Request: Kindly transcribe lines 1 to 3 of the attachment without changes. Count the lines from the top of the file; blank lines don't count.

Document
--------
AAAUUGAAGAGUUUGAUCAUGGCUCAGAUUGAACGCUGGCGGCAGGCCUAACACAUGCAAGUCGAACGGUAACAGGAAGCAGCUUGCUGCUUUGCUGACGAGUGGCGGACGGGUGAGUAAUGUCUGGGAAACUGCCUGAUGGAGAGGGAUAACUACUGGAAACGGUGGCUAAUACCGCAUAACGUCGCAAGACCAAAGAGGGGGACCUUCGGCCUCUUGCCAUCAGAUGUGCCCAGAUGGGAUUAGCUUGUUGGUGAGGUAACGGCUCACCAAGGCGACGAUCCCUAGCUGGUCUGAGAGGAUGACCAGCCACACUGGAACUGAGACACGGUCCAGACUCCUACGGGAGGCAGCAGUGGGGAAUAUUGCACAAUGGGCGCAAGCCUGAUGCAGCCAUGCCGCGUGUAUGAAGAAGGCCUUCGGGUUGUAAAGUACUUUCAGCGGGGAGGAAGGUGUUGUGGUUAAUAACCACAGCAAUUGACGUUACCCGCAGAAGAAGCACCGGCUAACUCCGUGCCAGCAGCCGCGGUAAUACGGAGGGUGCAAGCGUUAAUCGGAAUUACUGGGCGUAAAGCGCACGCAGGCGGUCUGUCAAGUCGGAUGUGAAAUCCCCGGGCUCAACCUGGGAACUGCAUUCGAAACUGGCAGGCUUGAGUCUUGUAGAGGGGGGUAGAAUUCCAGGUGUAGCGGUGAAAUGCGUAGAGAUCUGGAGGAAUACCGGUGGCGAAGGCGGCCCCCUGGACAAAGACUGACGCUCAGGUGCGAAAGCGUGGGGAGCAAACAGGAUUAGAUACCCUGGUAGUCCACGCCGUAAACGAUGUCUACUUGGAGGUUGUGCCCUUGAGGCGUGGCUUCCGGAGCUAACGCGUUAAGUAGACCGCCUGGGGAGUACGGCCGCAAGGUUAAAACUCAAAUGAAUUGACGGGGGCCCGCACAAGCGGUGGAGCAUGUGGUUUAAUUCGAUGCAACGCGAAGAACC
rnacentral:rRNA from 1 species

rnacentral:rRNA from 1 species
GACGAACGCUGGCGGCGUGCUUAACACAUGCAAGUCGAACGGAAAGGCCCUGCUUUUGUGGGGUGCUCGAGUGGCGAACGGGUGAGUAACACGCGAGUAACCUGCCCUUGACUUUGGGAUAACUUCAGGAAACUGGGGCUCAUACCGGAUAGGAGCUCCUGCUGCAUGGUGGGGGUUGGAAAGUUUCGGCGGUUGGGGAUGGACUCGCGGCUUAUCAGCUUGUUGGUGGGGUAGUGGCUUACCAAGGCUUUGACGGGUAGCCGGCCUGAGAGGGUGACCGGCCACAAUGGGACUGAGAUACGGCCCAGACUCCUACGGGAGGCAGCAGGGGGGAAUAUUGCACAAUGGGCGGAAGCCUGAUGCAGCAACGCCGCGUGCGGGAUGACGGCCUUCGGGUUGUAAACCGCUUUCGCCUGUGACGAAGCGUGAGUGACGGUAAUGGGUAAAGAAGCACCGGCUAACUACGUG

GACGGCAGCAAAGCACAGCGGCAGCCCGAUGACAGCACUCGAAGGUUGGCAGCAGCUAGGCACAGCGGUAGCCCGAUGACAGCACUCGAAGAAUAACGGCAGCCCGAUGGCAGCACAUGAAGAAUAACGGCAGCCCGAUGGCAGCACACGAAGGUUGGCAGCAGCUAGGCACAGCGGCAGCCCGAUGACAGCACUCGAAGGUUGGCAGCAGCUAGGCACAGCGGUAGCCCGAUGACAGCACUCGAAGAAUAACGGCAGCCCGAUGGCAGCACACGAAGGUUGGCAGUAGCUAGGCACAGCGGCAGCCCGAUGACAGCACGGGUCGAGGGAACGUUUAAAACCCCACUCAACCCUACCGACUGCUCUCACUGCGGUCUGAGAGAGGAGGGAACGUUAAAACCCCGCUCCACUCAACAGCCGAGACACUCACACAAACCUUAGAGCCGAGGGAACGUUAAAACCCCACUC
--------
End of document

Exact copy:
AAAUUGAAGAGUUUGAUCAUGGCUCAGAUUGAACGCUGGCGGCAGGCCUAACACAUGCAAGUCGAACGGUAACAGGAAGCAGCUUGCUGCUUUGCUGACGAGUGGCGGACGGGUGAGUAAUGUCUGGGAAACUGCCUGAUGGAGAGGGAUAACUACUGGAAACGGUGGCUAAUACCGCAUAACGUCGCAAGACCAAAGAGGGGGACCUUCGGCCUCUUGCCAUCAGAUGUGCCCAGAUGGGAUUAGCUUGUUGGUGAGGUAACGGCUCACCAAGGCGACGAUCCCUAGCUGGUCUGAGAGGAUGACCAGCCACACUGGAACUGAGACACGGUCCAGACUCCUACGGGAGGCAGCAGUGGGGAAUAUUGCACAAUGGGCGCAAGCCUGAUGCAGCCAUGCCGCGUGUAUGAAGAAGGCCUUCGGGUUGUAAAGUACUUUCAGCGGGGAGGAAGGUGUUGUGGUUAAUAACCACAGCAAUUGACGUUACCCGCAGAAGAAGCACCGGCUAACUCCGUGCCAGCAGCCGCGGUAAUACGGAGGGUGCAAGCGUUAAUCGGAAUUACUGGGCGUAAAGCGCACGCAGGCGGUCUGUCAAGUCGGAUGUGAAAUCCCCGGGCUCAACCUGGGAACUGCAUUCGAAACUGGCAGGCUUGAGUCUUGUAGAGGGGGGUAGAAUUCCAGGUGUAGCGGUGAAAUGCGUAGAGAUCUGGAGGAAUACCGGUGGCGAAGGCGGCCCCCUGGACAAAGACUGACGCUCAGGUGCGAAAGCGUGGGGAGCAAACAGGAUUAGAUACCCUGGUAGUCCACGCCGUAAACGAUGUCUACUUGGAGGUUGUGCCCUUGAGGCGUGGCUUCCGGAGCUAACGCGUUAAGUAGACCGCCUGGGGAGUACGGCCGCAAGGUUAAAACUCAAAUGAAUUGACGGGGGCCCGCACAAGCGGUGGAGCAUGUGGUUUAAUUCGAUGCAACGCGAAGAACC
rnacentral:rRNA from 1 species

rnacentral:rRNA from 1 species